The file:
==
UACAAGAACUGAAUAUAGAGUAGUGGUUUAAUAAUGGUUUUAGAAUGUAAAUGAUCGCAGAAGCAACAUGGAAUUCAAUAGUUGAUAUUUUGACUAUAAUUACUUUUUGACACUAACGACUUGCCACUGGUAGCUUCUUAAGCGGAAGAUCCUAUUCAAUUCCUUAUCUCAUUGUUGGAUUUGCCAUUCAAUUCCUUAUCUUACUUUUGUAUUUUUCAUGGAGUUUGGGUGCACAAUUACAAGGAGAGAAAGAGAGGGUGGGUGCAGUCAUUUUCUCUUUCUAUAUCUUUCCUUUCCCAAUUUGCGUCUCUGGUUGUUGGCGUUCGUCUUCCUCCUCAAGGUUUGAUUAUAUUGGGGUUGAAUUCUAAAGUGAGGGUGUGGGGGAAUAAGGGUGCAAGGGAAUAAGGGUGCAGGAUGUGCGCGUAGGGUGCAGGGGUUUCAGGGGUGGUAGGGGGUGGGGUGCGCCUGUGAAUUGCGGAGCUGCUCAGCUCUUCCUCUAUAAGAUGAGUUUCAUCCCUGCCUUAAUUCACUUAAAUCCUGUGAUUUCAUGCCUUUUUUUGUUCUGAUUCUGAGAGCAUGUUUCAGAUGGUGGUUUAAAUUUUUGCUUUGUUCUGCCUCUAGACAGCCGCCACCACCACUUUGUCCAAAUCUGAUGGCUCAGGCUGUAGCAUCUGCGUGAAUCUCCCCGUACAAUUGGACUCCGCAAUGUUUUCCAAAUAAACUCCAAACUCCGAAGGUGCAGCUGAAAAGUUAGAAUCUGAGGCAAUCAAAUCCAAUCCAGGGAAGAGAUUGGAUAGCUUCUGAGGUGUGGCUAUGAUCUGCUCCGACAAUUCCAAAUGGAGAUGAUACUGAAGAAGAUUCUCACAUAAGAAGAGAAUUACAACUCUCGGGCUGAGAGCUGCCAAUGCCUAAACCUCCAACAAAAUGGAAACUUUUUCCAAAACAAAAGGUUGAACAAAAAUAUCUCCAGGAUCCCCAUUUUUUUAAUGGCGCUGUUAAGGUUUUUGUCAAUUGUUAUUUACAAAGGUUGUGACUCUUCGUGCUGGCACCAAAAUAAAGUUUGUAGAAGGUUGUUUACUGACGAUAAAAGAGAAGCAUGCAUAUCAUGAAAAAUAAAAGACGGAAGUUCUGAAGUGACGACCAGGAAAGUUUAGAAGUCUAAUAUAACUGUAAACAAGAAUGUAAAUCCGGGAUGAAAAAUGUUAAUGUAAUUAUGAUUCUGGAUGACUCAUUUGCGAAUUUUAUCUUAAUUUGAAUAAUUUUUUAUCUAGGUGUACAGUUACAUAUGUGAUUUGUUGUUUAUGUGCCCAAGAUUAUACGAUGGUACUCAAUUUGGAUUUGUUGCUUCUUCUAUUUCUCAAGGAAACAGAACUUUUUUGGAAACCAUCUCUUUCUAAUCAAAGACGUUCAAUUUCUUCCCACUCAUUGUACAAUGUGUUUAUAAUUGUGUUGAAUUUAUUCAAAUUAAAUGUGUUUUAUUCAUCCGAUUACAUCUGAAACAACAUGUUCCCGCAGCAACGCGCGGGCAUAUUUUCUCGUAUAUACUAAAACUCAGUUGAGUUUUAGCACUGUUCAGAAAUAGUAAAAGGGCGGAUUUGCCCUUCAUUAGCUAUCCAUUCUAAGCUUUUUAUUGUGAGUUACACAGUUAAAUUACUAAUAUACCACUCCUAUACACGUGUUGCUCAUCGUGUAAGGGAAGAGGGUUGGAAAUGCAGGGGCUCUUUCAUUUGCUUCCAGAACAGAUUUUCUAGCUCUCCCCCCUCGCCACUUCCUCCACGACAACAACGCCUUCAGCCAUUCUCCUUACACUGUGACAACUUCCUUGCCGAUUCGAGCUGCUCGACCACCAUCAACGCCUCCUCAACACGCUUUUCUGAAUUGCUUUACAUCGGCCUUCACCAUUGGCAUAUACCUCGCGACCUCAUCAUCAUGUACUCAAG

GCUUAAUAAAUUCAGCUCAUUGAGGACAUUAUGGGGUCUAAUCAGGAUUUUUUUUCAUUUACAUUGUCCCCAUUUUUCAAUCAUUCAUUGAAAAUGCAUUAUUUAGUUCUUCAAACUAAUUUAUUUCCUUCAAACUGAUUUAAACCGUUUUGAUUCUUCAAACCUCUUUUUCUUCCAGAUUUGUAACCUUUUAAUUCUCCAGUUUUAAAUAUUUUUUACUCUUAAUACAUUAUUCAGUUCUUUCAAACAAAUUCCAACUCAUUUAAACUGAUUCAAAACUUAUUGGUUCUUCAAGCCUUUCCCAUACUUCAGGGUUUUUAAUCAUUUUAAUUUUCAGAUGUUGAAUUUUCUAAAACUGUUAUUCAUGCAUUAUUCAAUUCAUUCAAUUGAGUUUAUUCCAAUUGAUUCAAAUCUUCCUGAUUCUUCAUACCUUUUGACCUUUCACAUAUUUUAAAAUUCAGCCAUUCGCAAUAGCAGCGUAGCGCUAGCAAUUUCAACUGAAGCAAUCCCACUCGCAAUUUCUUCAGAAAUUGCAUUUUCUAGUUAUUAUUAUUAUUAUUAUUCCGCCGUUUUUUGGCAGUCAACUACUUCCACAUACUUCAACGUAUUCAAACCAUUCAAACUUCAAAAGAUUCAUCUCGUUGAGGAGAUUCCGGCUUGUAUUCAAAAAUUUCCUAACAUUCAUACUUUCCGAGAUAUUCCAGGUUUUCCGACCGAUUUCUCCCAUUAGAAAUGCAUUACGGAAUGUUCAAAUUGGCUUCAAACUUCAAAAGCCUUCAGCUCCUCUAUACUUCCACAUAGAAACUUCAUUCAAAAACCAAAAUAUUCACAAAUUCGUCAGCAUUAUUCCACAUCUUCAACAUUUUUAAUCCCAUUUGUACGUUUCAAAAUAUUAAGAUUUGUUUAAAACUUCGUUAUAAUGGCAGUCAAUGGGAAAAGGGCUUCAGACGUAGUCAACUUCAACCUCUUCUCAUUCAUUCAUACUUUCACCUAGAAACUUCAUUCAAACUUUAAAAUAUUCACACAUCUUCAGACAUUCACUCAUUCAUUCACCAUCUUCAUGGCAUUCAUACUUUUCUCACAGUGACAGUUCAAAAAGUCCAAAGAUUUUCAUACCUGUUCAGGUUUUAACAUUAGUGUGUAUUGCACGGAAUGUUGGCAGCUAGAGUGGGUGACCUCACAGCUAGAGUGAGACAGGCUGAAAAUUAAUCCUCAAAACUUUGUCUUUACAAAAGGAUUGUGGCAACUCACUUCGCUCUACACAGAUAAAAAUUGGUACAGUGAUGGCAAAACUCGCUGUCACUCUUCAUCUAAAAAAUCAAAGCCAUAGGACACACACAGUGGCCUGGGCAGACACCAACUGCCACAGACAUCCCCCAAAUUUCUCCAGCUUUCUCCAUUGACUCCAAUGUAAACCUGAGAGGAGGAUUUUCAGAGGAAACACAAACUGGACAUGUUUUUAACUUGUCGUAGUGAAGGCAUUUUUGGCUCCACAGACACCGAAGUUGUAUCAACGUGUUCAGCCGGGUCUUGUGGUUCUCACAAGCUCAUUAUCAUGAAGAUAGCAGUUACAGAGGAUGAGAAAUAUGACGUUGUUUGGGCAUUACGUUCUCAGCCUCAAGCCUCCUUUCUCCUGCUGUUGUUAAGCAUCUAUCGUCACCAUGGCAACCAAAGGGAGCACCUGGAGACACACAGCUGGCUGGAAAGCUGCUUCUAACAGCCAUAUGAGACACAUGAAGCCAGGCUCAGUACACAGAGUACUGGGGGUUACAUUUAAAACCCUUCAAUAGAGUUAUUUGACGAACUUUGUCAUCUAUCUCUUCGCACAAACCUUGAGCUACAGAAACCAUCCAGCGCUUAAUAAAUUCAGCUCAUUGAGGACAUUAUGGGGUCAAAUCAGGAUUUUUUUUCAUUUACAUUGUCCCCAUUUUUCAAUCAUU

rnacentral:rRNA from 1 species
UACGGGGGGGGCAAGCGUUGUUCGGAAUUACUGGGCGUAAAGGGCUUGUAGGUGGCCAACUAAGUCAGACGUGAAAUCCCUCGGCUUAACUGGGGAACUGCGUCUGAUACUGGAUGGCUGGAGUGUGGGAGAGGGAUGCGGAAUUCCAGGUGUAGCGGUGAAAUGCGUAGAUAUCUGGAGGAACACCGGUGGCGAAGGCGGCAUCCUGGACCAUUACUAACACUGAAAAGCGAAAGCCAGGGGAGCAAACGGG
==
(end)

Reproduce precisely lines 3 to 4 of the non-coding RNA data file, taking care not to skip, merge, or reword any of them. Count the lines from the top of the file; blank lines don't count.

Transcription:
rnacentral:rRNA from 1 species
UACGGGGGGGGCAAGCGUUGUUCGGAAUUACUGGGCGUAAAGGGCUUGUAGGUGGCCAACUAAGUCAGACGUGAAAUCCCUCGGCUUAACUGGGGAACUGCGUCUGAUACUGGAUGGCUGGAGUGUGGGAGAGGGAUGCGGAAUUCCAGGUGUAGCGGUGAAAUGCGUAGAUAUCUGGAGGAACACCGGUGGCGAAGGCGGCAUCCUGGACCAUUACUAACACUGAAAAGCGAAAGCCAGGGGAGCAAACGGG